Veteran B-17 Bomber Pilots Tell What It Was like to Fight Hitler's Me-262 Fighters Jets

Warfare History Network

Key point: The B-17s that flew over Berlin had to endure fighting the much faster Me-262 fighter jets.

“Our mission was Berlin. We flew in that dreaded position—last and lowest in the squadron.”

Archie Mathosian, B-17 Radio Operator, A/C #521 (Skyway Chariot), 100th Bomb Group (H), USAAF

“Last and lowest in the squadron.”These words may not mean much to most readers, but to the crew of a Boeing B-17 Flying Fortress flying over enemy territory during World War II, they meant almost certain death at 20,000 feet above the ground. Flying in the dreaded “Tail-End Charlie” position meant your bomber was at the end and bottom of the heavy bomber formation and extremely vulnerable to attacks by swift enemy fighters bearing down for a kill.

The German Luftwaffe anticipated when and where strategic bombers would drop explosives and anxiously planned for their arrival. Odds were good that they would destroy at least a few B-17s even though they would also suffer injuries and death.

On Sunday morning, March 18, 1945, under an unusually clear sky, the U.S. Eighth Air Force mounted one of its largest air raids against Adolf Hitler’s Third Reich. The target was Berlin, capital of the Nazi regime. More than 1,300 heavy bombers from the Eighth Air Force, escorted by more than 600 fighter planes, departed their bases in East Anglia and flew eastward over the English Channel toward Germany. The payload that morning was more than 650 tons of 1,000-pound bombs.

Major Marvin Bowman commanded the 351sr Bomb Squadron, 100th Bomb Group, on its final mission to Berlin.

Read the original article.

  • One of Trump's favorite pollsters shows his approval plummeting
    Yahoo News

    One of Trump's favorite pollsters shows his approval plummeting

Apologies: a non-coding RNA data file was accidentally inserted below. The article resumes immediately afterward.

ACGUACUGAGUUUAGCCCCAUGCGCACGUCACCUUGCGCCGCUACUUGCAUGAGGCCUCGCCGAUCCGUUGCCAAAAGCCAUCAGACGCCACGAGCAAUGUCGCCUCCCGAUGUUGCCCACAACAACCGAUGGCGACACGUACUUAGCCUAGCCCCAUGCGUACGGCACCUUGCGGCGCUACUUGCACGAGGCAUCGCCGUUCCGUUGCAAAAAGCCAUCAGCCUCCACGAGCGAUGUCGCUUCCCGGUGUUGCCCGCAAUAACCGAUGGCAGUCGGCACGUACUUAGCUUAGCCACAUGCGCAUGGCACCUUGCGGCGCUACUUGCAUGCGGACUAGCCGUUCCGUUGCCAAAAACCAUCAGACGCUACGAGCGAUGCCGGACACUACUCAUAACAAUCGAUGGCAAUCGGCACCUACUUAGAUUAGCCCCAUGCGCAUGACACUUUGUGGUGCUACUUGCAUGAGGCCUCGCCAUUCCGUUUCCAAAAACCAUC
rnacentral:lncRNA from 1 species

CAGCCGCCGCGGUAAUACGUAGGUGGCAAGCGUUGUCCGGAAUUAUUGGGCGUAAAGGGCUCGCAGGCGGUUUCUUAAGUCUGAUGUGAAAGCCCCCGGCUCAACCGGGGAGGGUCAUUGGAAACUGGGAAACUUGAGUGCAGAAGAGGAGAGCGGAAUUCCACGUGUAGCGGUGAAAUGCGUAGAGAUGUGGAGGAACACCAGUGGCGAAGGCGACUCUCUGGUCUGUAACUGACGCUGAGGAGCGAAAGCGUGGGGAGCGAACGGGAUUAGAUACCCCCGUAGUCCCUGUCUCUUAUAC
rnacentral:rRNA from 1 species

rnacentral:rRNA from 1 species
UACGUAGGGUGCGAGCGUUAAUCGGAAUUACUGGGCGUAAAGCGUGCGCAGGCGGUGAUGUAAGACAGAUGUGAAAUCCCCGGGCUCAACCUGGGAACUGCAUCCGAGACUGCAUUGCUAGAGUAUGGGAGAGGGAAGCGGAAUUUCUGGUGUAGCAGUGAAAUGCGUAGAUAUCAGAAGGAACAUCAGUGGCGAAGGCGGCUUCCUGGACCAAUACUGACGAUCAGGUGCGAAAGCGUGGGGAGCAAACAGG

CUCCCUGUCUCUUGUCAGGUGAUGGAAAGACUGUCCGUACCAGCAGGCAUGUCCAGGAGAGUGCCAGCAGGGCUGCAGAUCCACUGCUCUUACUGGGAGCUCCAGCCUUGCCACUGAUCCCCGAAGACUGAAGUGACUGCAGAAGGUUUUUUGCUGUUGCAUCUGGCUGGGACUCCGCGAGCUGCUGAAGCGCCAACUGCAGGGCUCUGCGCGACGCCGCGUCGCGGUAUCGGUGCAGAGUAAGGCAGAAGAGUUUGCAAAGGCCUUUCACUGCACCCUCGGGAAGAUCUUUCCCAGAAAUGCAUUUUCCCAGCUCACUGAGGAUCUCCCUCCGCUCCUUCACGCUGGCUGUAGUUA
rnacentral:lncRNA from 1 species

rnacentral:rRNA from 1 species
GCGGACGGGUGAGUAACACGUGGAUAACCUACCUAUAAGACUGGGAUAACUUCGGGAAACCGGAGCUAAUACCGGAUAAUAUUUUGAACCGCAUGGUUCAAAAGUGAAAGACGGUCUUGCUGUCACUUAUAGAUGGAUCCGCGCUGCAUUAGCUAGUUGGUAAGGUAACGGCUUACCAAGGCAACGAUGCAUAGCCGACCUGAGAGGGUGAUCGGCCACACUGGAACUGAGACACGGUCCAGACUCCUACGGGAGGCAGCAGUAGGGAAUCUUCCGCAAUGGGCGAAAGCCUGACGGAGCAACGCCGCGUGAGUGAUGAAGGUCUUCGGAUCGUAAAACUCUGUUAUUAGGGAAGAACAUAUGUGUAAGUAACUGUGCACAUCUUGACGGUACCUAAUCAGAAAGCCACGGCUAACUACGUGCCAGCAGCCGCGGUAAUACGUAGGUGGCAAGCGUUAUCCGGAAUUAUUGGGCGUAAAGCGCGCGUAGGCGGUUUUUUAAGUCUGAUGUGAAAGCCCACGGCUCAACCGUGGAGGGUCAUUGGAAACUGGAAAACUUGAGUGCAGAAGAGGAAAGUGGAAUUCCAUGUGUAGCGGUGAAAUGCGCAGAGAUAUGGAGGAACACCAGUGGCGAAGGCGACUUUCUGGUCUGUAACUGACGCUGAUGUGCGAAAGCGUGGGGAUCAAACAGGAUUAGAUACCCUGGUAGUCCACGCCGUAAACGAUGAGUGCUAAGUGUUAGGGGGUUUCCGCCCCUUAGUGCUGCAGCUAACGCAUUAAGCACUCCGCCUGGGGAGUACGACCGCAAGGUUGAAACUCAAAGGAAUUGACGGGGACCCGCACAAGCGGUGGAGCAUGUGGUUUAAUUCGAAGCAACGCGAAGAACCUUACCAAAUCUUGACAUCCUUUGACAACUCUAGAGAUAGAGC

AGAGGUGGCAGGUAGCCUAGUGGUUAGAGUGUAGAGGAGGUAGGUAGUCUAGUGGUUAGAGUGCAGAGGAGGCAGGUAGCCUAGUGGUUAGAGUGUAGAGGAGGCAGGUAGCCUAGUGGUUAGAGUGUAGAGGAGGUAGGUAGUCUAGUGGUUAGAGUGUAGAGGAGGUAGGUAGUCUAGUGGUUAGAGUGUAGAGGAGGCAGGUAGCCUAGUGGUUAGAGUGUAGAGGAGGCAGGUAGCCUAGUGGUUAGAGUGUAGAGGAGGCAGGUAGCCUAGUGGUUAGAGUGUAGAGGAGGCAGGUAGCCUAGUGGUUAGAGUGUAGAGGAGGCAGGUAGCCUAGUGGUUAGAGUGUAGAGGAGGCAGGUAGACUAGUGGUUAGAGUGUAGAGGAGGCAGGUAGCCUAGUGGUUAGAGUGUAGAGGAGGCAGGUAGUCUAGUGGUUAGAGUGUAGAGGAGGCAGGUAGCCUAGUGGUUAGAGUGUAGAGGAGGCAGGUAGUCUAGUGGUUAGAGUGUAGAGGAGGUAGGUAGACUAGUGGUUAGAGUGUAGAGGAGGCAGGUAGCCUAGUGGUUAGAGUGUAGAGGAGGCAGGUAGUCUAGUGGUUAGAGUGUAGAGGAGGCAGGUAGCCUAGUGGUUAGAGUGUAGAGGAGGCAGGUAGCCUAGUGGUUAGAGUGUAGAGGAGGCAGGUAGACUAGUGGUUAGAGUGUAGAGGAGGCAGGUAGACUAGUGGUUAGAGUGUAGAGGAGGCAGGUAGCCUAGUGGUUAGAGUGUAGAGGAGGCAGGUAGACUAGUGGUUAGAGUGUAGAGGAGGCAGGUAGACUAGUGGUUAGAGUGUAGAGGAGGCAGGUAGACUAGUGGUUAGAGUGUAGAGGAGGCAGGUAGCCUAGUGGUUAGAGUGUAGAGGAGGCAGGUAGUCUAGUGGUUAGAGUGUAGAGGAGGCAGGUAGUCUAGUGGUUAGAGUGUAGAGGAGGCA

President Trump's approval rating has plummeted since late February, according to the Rasmussen daily tracking poll, which the president frequently cited during his first three years in office. As of Wednesday, 42 percent of Americans told Rasmussen that they approved of the job Trump was doing as president, while 57 percent disapproved. While 42 percent approval is in line with the overall aggregation of polls tracking Trump's approval rating, it is notable from Rasmussen, which tends to show more favorable numbers for Republicans and the president.

  • Iran Guards warn US after receiving new combat vessels
    AFP

    Iran Guards warn US after receiving new combat vessels

    Iran's Revolutionary Guards on Thursday warned the United States against its naval presence in the Gulf as they received 110 new combat vessels. The vessels included Ashura-class speedboats, Zolfaghar coastal patrol boats and Taregh submarines, state television reported. "We announce today that wherever the Americans are, we are right next to them, and they will feel our presence even more in the near future," the Guards' navy chief Rear Admiral Alireza Tangsiri said during a ceremony in southern Iran.